Charles Sprague Sargent

Charles Sprague Sargent

Charles Sprague Sargent (April 24,[1] 1841 - March 22, 1927) was an American botanist. He was the first director of the Arnold Arboretum at Harvard University in Boston, Massachusetts and the standard botanical author abbreviation Sarg. is applied to plants he described.

Contents

Biography

Sargent was the second son of Henrietta (Gray) and Ignatius Sargent, a Boston merchant and banker who grew wealthy on railroad investments. He grew up on his father's 130 acre (526,000 m²) estate in Brookline, Massachusetts, and attended Harvard College, where he graduated in the Class of 1862. He enlisted in the Union Army later that year, saw service in Louisiana during the American Civil War, and was mustered out in 1865, after which he traveled in Europe for three years.

Having returned to his family's Brookline estate Holmlea, Sargent took over its management as a horticulturist, influenced by his cousin Henry and H. H. Hunnewell of Wellesley. Under his direction, the family estate became a landscape without flower beds or geometric arrangements, but rather a recreation of nature with winding lanes, overhanging branches, and a profusion of trees and shrubbery.

When in 1872 Harvard University decided to establish an arboretum Prof. Francis Parkman at that time a professor of horticulture at Harvard's recently established Bussey Institution, probably suggested his young neighbor Sargent for the position. By the end of 1872, Sargent became the first Director of the Arnold Arboretum, a post he held until his death, and Director of the Botanic Garden in Cambridge (long since given up). On November 26, 1873, he married Mary Allen Robeson (1853–1919). They had two sons and three daughters, one of whom married Guy Lowell.

Even by the standards of Boston society of the early 20th century, Charles Sprague Sargent was unusual. He was colder than even the surrounding, and notoriously chilly, Boston society, had nothing to do with local government, and cared little for the social ills of his era. Rather he was a stern lord of his own arboretum, and always at work during his waking hours. In this career, Sargent came of age as a dendrologist and published extensively. His influence was felt nationally on the conservation of American forests (in particular the Catskills and Adirondacks). At the Arboretum he worked with Frederick Law Olmsted, the Olmsted Brothers from master planning for the roads and plant collections to small details such as the tree plantings on Commonwealth Avenue.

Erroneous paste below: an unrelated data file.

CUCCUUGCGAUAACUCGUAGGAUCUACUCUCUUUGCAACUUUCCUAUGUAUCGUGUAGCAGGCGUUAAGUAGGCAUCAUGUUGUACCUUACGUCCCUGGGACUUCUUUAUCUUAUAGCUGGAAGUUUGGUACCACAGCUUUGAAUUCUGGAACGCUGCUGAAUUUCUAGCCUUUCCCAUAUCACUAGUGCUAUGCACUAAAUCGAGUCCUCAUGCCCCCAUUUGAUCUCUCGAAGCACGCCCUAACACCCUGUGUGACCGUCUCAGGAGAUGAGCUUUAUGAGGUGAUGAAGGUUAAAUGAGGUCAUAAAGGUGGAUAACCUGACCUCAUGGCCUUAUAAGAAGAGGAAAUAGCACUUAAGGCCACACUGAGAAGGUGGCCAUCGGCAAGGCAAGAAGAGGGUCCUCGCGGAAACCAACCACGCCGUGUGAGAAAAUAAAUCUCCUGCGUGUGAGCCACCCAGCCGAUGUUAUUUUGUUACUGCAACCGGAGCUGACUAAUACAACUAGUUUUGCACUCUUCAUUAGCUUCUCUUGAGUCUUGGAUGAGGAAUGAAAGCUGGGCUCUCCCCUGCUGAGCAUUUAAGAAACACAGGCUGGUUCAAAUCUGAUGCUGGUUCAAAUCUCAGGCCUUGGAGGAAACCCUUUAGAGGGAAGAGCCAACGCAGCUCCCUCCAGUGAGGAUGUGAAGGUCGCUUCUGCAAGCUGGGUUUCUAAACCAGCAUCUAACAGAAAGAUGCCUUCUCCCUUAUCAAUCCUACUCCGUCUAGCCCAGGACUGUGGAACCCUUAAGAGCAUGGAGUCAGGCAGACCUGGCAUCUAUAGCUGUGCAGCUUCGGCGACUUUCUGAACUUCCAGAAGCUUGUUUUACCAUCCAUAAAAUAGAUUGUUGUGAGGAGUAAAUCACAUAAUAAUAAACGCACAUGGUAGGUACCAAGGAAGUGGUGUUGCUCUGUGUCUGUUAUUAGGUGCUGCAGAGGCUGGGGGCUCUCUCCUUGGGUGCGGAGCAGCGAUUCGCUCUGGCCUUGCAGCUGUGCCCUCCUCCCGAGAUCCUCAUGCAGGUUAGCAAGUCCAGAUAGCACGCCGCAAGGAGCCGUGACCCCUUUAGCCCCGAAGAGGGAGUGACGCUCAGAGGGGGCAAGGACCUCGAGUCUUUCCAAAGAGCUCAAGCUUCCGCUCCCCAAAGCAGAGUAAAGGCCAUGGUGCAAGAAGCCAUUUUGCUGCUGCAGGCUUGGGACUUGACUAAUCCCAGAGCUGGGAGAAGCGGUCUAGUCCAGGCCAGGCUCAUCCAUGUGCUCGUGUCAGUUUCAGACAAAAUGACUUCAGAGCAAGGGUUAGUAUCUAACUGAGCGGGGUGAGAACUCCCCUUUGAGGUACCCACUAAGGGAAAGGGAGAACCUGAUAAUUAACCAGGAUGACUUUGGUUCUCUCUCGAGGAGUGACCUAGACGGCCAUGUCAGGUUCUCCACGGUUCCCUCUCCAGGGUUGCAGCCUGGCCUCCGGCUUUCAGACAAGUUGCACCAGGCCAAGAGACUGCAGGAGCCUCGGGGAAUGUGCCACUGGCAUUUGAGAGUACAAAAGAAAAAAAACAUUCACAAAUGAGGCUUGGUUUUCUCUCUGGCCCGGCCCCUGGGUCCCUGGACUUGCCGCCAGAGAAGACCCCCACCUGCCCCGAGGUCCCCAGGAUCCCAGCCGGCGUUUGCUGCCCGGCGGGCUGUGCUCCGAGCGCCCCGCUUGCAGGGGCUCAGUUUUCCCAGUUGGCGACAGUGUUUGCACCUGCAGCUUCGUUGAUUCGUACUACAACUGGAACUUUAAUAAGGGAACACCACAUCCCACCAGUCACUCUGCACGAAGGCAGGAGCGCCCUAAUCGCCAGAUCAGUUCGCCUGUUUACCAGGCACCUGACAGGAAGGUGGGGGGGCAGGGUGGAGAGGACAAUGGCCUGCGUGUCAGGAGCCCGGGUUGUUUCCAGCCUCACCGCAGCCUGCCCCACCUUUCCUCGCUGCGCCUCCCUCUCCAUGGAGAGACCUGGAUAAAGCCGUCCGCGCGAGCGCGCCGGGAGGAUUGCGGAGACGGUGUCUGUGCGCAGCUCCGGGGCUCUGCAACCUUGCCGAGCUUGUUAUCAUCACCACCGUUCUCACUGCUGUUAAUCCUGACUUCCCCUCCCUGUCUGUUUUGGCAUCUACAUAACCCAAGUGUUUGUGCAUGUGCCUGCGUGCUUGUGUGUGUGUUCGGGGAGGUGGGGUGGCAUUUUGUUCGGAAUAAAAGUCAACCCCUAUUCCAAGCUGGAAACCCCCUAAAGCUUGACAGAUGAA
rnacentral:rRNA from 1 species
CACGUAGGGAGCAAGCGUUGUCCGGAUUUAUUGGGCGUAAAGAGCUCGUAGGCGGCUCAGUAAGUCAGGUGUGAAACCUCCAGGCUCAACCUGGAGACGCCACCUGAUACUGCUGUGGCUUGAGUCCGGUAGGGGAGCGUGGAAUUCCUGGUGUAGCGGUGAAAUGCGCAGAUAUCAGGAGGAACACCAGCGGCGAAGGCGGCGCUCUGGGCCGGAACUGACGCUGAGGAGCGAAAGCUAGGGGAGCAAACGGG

Sargent became professor of arboriculture at Harvard in 1879. He planned the Jesup Collection of North American Woods in the American Museum of Natural History of New York City in 1880. He was chairman of a commission to examine the Adirondack forests and devise measures for their preservation in 1885, and in 1888 became editor and general manager of Garden and Forest, a weekly journal of horticulture and forestry.[1]

His publications include a Catalogue of the Forest Trees of North America (Washington, D. C., 1880); Pruning Forests and Ornamental Trees, translated from the French of A. Des Cars (Boston, 1881); Reports on the Forests of North America (Washington, 1884); The Woods of the United States, with an Account of their Structure, Qualities, and Uses (New York, 1885); and The Silva of North America (12 vols., Boston, 1882-'8).[1]

After Sargent's death in 1927, at an Arbor Day memorial ceremony, Massachusetts Governor Fuller planted a white spruce on the grounds of the Massachusetts State House in his memory, and noted that:

"Professor Sargent knew more about trees than any other living person. It would be hard to find anyone who did more to protect trees from the vandalism of those who do not appreciate the contribution that they make to the beauty and wealth of our nation."

See also

References

  1. ^ a b c Wikisource-logo.svg "Sargent, Paul Dudley". Appletons' Cyclopædia of American Biography. 1900. 

External links


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